This approach to business decision making stands in stark contrast to traditional processes in which bank management selects each product and platform after much consideration so as to achieve a careful deployment and long life. It will not be easy, but adopting a different approach to decision making is an important change to make because the real competitors for the next generation of payment service providers may not be banks.

A second challenge for banks is to decide what services to provide. Changes in technology open new possibilities that extend far beyond the cluster of services that traditionally defined commercial banking. These new service options range from simply re-facing traditional service lines to offering completely new services such as inventory management and logistics.

Is there a downside risk to the banking industry in this expanding variety of service options and strategies? I think there may be at least one. In the past, banks were able to come together--in times of stress or opportunity--to agree on common industry practices, standards, and even shared infrastructure. One example that comes to mind is agreement on common ATM network infrastructure and standards. Cooperative efforts like this benefited the industry as well as individual institutions, even as they remained commercial competitors. They were possible because banks had a great deal in common--structure, services, processes, and goals.

As banks develop sharply different corporate visions, organizational structures, and service offerings, the question is whether their ability to come together around common interests and to address shared goals will be diminished. Ironically, it seems clear that in order to remain viable banks need to cooperate on standards and related service and infrastructure issues now more than ever as non-traditional competitors move quickly to develop new networks and product offerings.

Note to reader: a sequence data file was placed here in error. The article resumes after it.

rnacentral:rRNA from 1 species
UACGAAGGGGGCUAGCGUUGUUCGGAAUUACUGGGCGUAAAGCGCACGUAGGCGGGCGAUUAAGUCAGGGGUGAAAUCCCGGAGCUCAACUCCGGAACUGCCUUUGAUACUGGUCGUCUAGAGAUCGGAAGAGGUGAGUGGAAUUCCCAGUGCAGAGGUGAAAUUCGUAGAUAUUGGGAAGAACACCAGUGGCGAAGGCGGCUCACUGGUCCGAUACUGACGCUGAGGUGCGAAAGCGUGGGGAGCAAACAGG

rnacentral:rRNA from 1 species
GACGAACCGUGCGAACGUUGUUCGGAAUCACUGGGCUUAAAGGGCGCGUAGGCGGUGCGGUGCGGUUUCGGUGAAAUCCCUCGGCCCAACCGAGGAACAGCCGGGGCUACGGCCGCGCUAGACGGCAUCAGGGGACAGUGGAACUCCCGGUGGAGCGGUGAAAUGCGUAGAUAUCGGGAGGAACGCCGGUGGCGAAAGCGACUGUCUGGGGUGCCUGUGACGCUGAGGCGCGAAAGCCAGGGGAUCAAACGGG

Of course, all of us in the financial services industry are familiar with the long-standing need for joint industry initiatives to address important systemic risk and efficiency issues. But here as well, we see such efforts posing new challenges as they are applied to ever more difficult and complex issues. I am thinking here of projects such as the push for T+1 and straight through processing, and the important Continuous Linked Settlement Bank project. Increasingly ambitious efforts like these will require attention from all of us because the stakes are very high.

A third challenge confronting banks is how to manage a number of complex new business relationships. How, for example, will banks deal with newly formed nonbank competitors, new technology partners, and an array of service providers? I believe that organizational and cultural differences will make these partnerships difficult.